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Delta 'Flight Confirmation' Email Scam May Land in Your Inbox

By Admin on March 05, 2013 | Last updated on March 21, 2019

Do you fly Delta? Because if you do, then you may soon be the target of a "new" email scam. Wait, we take it back, it's apparently not even new.

But the scam and others like it tries to reel in consumers who think they're just responding to a normal email from a company like Delta. The email can take many forms, but what it's doing is phishing. That means it's trying to get access to your personal information.

The scam emails don't come from Delta, as a writer for the Avon Patch recently found out first-hand. So what's a frequent flyer supposed to look out for?

  • First, check where the email came from. Email from an airline like Delta should come from Delta's domain name. It's not a guarantee, but if the email address seems weird then it's probably a scam.
  • Some of these emails "confirm" your upcoming flight to somewhere you never booked a flight to, reports NBC News. That should also be a sign that something isn't right. But that's not the only email message connected with this scam.
  • The email might say your credit card was charged, your order is complete, or it may have an invoice that looks like your account. What they all have in common is a link. That link included in the email is probably a virus and clicking on it will make your computer vulnerable to attack. A hacker could then get into your machine and access your personal data.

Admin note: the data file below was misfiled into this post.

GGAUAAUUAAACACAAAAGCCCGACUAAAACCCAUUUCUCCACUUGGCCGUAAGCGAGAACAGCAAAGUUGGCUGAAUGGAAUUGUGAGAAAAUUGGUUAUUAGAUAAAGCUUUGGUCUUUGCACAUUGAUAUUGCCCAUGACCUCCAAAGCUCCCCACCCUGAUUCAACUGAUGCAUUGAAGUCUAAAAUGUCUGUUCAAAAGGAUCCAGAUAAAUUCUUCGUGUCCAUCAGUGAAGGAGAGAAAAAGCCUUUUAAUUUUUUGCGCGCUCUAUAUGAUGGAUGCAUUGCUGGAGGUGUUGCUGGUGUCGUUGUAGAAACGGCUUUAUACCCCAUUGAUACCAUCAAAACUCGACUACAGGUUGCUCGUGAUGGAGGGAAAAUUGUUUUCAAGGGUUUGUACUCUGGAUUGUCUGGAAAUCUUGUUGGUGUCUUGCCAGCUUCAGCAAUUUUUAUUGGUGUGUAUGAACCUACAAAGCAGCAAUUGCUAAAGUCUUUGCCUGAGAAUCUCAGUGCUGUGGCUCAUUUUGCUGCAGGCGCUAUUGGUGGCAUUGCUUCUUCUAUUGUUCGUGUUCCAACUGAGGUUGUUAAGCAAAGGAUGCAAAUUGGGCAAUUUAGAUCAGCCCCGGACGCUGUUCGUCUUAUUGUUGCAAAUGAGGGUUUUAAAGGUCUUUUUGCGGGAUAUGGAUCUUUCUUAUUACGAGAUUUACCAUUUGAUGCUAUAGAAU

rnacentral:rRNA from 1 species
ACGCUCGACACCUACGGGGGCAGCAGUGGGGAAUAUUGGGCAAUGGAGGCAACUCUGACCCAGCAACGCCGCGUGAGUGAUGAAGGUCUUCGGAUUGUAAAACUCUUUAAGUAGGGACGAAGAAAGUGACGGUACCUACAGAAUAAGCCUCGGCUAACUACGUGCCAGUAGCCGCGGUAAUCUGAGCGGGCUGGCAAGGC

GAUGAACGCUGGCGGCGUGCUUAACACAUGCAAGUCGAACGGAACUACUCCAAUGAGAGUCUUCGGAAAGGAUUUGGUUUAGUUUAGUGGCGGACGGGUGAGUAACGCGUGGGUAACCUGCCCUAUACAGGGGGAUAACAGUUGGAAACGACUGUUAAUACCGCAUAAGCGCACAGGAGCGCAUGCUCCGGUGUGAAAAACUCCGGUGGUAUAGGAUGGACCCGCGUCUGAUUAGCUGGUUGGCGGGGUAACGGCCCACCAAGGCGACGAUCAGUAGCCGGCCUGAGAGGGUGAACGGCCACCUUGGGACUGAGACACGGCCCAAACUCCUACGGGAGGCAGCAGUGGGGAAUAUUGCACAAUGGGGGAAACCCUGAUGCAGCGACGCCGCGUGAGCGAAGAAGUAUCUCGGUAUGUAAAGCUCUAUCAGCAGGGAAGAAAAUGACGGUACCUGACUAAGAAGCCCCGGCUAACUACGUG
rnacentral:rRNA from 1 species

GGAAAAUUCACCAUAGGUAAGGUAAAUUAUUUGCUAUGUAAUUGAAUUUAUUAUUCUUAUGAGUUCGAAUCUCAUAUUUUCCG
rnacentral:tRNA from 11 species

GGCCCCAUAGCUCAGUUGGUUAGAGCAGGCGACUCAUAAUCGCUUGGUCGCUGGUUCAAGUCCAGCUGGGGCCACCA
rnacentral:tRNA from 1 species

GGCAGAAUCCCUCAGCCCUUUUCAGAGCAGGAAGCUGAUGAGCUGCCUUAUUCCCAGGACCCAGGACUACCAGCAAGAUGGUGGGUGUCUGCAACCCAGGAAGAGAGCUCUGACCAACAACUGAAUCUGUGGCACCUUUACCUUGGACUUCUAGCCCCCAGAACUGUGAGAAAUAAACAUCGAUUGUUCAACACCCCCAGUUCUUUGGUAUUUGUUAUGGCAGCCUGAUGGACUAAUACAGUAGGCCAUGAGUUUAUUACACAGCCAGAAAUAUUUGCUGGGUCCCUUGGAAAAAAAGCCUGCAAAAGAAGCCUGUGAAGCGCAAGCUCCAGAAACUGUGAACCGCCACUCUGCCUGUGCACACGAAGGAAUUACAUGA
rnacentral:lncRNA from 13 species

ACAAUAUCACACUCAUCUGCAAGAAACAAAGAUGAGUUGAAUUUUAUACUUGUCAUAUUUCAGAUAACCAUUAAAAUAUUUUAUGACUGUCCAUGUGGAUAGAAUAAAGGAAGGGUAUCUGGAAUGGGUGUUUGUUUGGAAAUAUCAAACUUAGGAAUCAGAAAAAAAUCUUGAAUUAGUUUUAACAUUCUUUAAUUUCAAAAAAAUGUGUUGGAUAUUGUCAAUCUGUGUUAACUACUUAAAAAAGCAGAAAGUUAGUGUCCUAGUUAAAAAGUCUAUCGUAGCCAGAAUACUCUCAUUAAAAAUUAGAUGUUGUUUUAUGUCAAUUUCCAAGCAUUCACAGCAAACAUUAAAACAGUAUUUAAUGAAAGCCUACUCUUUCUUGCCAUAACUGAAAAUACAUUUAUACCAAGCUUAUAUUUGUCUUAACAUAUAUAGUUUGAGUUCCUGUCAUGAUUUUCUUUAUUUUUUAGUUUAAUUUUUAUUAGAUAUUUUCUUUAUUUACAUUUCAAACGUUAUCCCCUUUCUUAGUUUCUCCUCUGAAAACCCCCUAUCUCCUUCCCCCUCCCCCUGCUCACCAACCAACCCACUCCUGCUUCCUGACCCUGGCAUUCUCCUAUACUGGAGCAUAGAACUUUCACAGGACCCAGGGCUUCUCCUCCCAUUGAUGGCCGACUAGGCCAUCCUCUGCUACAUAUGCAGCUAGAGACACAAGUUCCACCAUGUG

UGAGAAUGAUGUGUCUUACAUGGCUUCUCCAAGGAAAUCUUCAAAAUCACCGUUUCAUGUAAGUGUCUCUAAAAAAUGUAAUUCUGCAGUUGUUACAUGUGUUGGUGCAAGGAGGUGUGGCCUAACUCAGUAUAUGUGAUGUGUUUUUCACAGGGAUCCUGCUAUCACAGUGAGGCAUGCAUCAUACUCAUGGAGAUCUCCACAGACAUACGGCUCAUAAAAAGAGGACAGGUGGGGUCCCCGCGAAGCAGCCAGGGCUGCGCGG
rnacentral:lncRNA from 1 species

So how can you protect yourself? The simplest way to keep your computer safe from this and other email scams is to not click on the links.

Links can hide any number of problems and by clicking on them, you may let whatever is behind that link into your computer. If the email doesn't come from a person you know, it's probably not a good idea to click on it. Same goes for links that look suspicious, regardless of who sends them.

If you get an email from Delta or another familiar company, instead of clicking the link, go to the website. Type the web address in yourself rather than copy and pasting.

When those emails come in, it's also good to delete them right away and label the sender as spam. They may try to resend the message to catch you when you aren't paying attention.

If you have provided personal information like your Delta account number in response to an email like this, Delta recommends that you change the login information for your account.

Then, keep an eye on the activity in the account to see if anything weird is happening. Notify the company if you see anything strange or just let them know that you account may be compromised.

Identity theft happens far too often and it can start from an email that seems innocent. For more ways to protect yourself, check out FindLaw's free Guide to Online Fraud and Identity Theft.

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